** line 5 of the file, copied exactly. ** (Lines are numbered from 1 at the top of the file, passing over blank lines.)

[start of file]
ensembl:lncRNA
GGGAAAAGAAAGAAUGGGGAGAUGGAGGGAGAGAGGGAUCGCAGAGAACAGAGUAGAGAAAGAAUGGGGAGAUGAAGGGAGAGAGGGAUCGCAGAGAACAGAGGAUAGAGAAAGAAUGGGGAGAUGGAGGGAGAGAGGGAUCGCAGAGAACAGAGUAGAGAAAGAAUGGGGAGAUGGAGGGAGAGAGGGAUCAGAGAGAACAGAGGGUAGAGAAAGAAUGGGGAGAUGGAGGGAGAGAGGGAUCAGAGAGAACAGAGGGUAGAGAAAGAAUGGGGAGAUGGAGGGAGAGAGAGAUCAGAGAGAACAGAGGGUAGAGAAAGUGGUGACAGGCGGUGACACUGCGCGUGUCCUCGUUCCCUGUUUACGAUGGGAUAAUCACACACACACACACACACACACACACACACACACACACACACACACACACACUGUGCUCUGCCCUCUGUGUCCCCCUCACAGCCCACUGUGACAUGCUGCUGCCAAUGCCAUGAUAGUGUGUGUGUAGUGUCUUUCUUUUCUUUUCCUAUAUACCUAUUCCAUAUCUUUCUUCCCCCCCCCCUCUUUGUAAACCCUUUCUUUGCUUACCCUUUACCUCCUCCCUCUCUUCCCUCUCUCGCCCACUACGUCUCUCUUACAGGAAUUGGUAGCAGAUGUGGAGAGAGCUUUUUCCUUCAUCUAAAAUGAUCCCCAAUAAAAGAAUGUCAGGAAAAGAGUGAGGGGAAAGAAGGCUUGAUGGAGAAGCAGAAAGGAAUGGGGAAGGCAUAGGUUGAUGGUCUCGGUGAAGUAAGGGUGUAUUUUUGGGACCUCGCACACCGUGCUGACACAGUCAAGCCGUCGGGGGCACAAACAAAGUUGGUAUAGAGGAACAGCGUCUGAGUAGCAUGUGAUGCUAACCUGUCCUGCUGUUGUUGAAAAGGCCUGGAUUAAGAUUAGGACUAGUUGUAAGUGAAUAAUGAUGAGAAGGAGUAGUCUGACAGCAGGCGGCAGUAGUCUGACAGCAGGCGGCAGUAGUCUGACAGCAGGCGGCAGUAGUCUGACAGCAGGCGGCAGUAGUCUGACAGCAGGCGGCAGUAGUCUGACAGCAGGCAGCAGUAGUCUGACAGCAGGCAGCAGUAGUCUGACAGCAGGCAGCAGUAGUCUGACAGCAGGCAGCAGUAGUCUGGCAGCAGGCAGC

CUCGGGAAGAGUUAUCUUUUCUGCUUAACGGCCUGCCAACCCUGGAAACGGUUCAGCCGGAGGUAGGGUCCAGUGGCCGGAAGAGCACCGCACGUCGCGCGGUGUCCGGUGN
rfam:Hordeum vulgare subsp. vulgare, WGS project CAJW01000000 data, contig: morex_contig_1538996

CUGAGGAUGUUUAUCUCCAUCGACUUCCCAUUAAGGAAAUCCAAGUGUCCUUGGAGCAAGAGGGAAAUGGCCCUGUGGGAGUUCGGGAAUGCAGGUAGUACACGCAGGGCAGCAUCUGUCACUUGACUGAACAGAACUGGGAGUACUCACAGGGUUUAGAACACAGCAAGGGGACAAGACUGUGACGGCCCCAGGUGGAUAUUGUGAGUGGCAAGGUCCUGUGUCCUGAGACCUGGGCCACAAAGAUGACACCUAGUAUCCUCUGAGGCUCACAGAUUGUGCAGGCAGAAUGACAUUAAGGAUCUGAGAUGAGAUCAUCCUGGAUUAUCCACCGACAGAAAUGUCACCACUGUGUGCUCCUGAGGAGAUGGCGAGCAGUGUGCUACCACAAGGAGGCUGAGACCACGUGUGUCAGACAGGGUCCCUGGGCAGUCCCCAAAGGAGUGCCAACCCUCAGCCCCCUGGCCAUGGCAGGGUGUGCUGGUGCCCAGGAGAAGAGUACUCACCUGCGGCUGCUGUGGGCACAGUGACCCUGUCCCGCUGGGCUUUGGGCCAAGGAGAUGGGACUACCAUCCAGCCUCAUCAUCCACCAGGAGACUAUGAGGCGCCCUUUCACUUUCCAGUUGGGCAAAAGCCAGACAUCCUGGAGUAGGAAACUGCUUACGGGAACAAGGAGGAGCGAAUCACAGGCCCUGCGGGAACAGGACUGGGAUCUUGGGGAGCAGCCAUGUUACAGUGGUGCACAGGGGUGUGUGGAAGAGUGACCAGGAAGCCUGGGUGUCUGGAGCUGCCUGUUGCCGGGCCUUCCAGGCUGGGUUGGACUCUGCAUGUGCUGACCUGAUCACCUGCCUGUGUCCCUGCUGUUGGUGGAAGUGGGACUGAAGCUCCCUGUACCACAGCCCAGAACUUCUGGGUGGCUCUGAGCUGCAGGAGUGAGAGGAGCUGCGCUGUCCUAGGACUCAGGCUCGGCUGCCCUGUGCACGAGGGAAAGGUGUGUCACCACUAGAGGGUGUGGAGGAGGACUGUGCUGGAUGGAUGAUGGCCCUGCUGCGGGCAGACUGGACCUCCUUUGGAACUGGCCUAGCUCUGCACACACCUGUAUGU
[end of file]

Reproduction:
CUGAGGAUGUUUAUCUCCAUCGACUUCCCAUUAAGGAAAUCCAAGUGUCCUUGGAGCAAGAGGGAAAUGGCCCUGUGGGAGUUCGGGAAUGCAGGUAGUACACGCAGGGCAGCAUCUGUCACUUGACUGAACAGAACUGGGAGUACUCACAGGGUUUAGAACACAGCAAGGGGACAAGACUGUGACGGCCCCAGGUGGAUAUUGUGAGUGGCAAGGUCCUGUGUCCUGAGACCUGGGCCACAAAGAUGACACCUAGUAUCCUCUGAGGCUCACAGAUUGUGCAGGCAGAAUGACAUUAAGGAUCUGAGAUGAGAUCAUCCUGGAUUAUCCACCGACAGAAAUGUCACCACUGUGUGCUCCUGAGGAGAUGGCGAGCAGUGUGCUACCACAAGGAGGCUGAGACCACGUGUGUCAGACAGGGUCCCUGGGCAGUCCCCAAAGGAGUGCCAACCCUCAGCCCCCUGGCCAUGGCAGGGUGUGCUGGUGCCCAGGAGAAGAGUACUCACCUGCGGCUGCUGUGGGCACAGUGACCCUGUCCCGCUGGGCUUUGGGCCAAGGAGAUGGGACUACCAUCCAGCCUCAUCAUCCACCAGGAGACUAUGAGGCGCCCUUUCACUUUCCAGUUGGGCAAAAGCCAGACAUCCUGGAGUAGGAAACUGCUUACGGGAACAAGGAGGAGCGAAUCACAGGCCCUGCGGGAACAGGACUGGGAUCUUGGGGAGCAGCCAUGUUACAGUGGUGCACAGGGGUGUGUGGAAGAGUGACCAGGAAGCCUGGGUGUCUGGAGCUGCCUGUUGCCGGGCCUUCCAGGCUGGGUUGGACUCUGCAUGUGCUGACCUGAUCACCUGCCUGUGUCCCUGCUGUUGGUGGAAGUGGGACUGAAGCUCCCUGUACCACAGCCCAGAACUUCUGGGUGGCUCUGAGCUGCAGGAGUGAGAGGAGCUGCGCUGUCCUAGGACUCAGGCUCGGCUGCCCUGUGCACGAGGGAAAGGUGUGUCACCACUAGAGGGUGUGGAGGAGGACUGUGCUGGAUGGAUGAUGGCCCUGCUGCGGGCAGACUGGACCUCCUUUGGAACUGGCCUAGCUCUGCACACACCUGUAUGU